Getting to the Heart of AED Law
April 07, 2011
Katharine M. Nohr, Esq.
Miyagi Nohr & Myhre, Honolulu
Question: If a guy keels over, apparently from a heart attack, and I use the athletic facilities’ AED in an attempt to save the guy’s life, and he dies anyway, can his estate sue me?
Answer: Anyone can sue.
The frustrating thing is that this is always the answer when addressing the question of whether someone can sue in the United States. The important question is whether you will likely be held liable for your actions or omissions. Even more frustrating is sorting out the state of the law regarding AED. The good news is that you are probably primarily concerned about the state in which your facility is located and so, with some diligent research, you can find out what your state’s law is as of this date. Remember, state laws are always in flux as your state legislature meets each year and so you will have to check whether any new AED bills have been passed, and if so, when they take effect. The National Center for Early Defibrillation has a handy AED Legislative Table that was last updated in the Spring of 2005, which can be reviewed by looking at their website at www.early-defib.org.
Another concern that you should have in keeping up to date with AED laws is whether there have been any court decisions in your state or jurisdiction. As of this date, there have been very few—however, you can expect that to change in the upcoming years. Hopefully, through this newsletter and other sources, you can be kept apprised of important case law.
Despite the differences in AED laws throughout the United States, there are similarities that can be considered as you make the decision whether to implement an AED program in your facility. Generally, state and federal legislation provides protection from lawsuits to all or some AED operators, including athletic trainers, rescuers, good Samaritans, medical personnel and AED trainers. The user of the AED ordinarily is protected from liability if his or her conduct is not willful, wanton or grossly negligent.
Good Samaritan Laws
An example of broadly implemented legislation are the Good Samaritan Laws that have been enacted in recent years throughout the United States and federally, under the Cardiac Arrest Survival Act (CASA). These laws grant immunity to volunteers who assist strangers in emergency situations when using AEDs. Good Samaritan Laws generally limit or eliminate the liability of a volunteer rescuer; the physician who provides medical authorization; the trainer and/or the facility owner and others that institute an AED program. State statutes not only vary as to immunity provisions, but also may vary as to training, registration and reporting requirements.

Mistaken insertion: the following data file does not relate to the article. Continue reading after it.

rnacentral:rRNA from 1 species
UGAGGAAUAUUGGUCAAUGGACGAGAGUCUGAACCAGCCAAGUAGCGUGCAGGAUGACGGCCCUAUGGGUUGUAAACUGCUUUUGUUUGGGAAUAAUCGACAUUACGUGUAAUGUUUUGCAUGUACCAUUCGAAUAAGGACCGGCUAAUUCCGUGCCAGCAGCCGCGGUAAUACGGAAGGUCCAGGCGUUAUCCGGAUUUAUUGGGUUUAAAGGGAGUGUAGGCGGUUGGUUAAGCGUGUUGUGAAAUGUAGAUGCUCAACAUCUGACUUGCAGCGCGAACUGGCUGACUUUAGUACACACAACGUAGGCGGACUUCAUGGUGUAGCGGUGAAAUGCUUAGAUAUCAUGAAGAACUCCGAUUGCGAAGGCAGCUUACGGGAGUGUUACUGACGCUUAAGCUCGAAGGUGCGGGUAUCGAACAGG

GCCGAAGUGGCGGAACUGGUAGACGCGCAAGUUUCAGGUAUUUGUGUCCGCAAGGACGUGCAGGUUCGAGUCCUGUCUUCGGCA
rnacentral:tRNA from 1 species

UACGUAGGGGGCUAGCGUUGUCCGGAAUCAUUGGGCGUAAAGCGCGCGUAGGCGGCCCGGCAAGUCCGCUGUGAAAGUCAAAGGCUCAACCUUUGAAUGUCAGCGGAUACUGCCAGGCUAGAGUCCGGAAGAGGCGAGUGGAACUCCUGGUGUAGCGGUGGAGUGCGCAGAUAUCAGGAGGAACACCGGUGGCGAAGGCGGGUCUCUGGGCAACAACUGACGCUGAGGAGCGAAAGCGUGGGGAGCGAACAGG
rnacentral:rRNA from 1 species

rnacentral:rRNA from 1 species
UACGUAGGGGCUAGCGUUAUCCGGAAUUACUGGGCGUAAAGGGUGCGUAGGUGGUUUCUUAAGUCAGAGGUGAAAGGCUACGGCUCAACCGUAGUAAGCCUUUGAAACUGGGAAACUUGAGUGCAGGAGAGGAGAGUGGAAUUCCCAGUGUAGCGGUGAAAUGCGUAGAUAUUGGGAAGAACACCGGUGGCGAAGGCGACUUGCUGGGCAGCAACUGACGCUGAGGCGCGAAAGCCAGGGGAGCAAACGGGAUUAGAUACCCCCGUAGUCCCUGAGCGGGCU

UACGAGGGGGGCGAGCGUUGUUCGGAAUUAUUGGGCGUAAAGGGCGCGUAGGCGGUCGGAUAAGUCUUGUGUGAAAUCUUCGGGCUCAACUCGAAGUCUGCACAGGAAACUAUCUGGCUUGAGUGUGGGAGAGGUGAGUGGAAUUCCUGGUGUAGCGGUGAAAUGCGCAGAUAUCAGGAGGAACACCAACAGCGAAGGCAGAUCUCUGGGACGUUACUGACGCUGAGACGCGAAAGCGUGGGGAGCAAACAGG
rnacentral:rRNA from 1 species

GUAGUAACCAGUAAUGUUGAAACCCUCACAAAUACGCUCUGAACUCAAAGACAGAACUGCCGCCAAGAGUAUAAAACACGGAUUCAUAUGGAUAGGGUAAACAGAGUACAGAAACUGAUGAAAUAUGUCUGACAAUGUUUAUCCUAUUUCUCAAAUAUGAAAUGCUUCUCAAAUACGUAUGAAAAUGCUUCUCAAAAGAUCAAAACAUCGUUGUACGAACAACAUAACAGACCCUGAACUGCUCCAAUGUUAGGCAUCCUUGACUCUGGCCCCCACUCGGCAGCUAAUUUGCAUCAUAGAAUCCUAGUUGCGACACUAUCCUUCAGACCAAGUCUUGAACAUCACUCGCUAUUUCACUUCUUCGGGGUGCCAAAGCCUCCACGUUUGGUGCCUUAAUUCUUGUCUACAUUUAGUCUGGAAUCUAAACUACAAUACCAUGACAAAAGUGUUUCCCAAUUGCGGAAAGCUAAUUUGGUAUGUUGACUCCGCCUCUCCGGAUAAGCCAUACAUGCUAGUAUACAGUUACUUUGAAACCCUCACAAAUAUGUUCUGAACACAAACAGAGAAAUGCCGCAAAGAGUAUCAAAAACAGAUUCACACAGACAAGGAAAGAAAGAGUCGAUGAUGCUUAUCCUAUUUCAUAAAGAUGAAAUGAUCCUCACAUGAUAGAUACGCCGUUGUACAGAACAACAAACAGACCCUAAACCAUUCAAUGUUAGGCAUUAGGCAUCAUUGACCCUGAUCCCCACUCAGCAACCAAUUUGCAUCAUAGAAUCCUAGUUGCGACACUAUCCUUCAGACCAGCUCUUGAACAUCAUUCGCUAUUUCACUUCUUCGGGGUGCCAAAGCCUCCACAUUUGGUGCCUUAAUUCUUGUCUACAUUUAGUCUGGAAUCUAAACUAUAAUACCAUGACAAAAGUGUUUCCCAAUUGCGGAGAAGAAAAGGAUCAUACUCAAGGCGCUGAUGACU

The Cardiac Arrest Survival Act
The Cardiac Arrest Survival Act (CASA) was passed on October 26, 2000, requiring placement of AEDs in all federal public buildings as well as providing Good Samaritan immunity where States do not offer such coverage. The CASA’s Good Samaritan protection includes immunity from civil liability to any person, including health care professionals outside of the scope of their license or certification, who use or attempt to use an AED on a victim of a perceived medical emergency. AED acquirers are also afforded immunity under the statute, except for harm caused by their failure to notify appropriate entities regarding placement of the device; failure to maintain and test the device; or failure to provide appropriate training to the users of the AED.
It is important to note that CASA preempts state law only where your state statute does not provide protection for a user or acquirer so that all users and acquirers are covered. Federal law will fill the gap where state law only protects either the user or the acquirer, but not both. Among some other exceptions not applicable to sports and recreation, immunity does not apply under CASA for willful or criminal misconduct, gross negligence, reckless misconduct or a conscious, flagrant indifference to the rights or safety of the victim who was harmed.
Will State Immunity Laws Provide Protection for Everyone?
The answer to this question is “no”, according to a recent internet article written by Richard A. Lazer, President and CEO, AED Risk Insights, Inc., entitled, “The Current State of U.S. AED Laws; Risk and Uncertainty for Community-Based AED Programs”. (www.aedriskinsights.com). In Mr. Lazer’s article, he noted that:
“49% of states do not offer immunity protection to untrained AED users
Despite the growing presence of AEDs in public settings and the advances in AED-guided instructions for lay-users, 25 states fail to offer immunity protection to untrained AED users.
24% of states technically do not offer immunity protection to anyone – rather, they offer only placebo immunity